The COVID-19 pandemic has changed how we conduct daily life, and integrated public health into nearly every aspect of it. In healthcare spaces, officials who typically address only their peers or a small number of followers have had to pivot to provide lifesaving information to a global audience.
Two such public communicators who were prominent experts during the pandemic are Dr. Anthony Fauci, director of the National Institute of Allergy and Infectious Diseases, and Dr. Christine Grady, head of the Department of Bioethics at the National Institutes of Health Clinical Center. In a compelling discussion moderated by CNN chief medical correspondent Dr. Sanjay Gupta, this year’s Stubing Memorial Lecture focused on the ethical challenges that arose during the Covid pandemic.
“We've got to be clear that public health emergencies, in terms of helping all of us, sometimes require a little bit of burden on the part of the individual,” said Dr. Grady.
The pandemic continues to test the boundaries of what people are willing to do to keep their communities safe. A flood of disinformation on social media can quickly contribute to lives being lost, as a result of people following opinions rather than facts. And distrust of medical professionals by a wide swath of the public has led to new questions about how to ethically communicate while constantly adjusting to new data.
Dr. Fauci said the most useful advice he received from Dr. Grady was to keep in mind how the public would respond, in addition to relying on his professional training.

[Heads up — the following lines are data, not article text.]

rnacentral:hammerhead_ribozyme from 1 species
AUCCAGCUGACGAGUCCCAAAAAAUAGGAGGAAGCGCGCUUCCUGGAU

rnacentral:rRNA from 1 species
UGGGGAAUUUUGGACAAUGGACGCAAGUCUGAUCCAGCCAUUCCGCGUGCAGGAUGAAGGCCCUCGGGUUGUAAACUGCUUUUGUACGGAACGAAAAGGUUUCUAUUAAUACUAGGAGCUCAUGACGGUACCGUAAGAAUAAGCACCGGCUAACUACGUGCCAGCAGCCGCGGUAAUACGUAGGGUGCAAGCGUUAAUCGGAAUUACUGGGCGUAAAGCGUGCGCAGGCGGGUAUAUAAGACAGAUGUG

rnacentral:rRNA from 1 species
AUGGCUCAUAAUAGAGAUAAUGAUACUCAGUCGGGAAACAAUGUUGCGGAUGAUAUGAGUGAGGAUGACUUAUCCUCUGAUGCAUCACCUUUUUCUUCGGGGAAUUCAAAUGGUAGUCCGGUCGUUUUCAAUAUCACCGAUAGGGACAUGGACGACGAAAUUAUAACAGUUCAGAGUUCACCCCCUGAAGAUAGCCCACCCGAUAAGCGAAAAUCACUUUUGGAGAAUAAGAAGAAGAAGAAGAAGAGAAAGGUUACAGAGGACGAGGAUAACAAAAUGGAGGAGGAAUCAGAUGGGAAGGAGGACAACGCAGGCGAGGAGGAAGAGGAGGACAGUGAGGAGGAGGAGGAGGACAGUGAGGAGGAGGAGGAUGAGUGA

“I think the experts have to use data to inform policy, but they also have to be aware of the needs and concerns of the public, and try to somehow bring those into the equation when they're making policy,” said Dr. Fauci.
Dr. Gupta took questions from the audience about vaccine mandates and the future of the pandemic. For Dr. Fauci, the ideal scenario is the continued decline of COVID-19 in the U.S., to fewer than 10,000 cases a day. Asked about the future of a career in healthcare and bioethics, both Dr. Fauci and Dr. Grady ended on an optimistic note.
They agreed that despite the difficulties of their jobs, they would not want to work in any other field. “I'm sure there's gratification and important contributions in many different professions, but don't be dissuaded by some of the difficulties we’ve been talking about tonight, because the positive aspects overwhelmingly outweigh any negative aspects,” said Dr. Fauci.
“I would do it for nothing,” he continued. “If you gave me enough just to eat and sleep I would do it, and I mean that very sincerely. It's that meaningful.”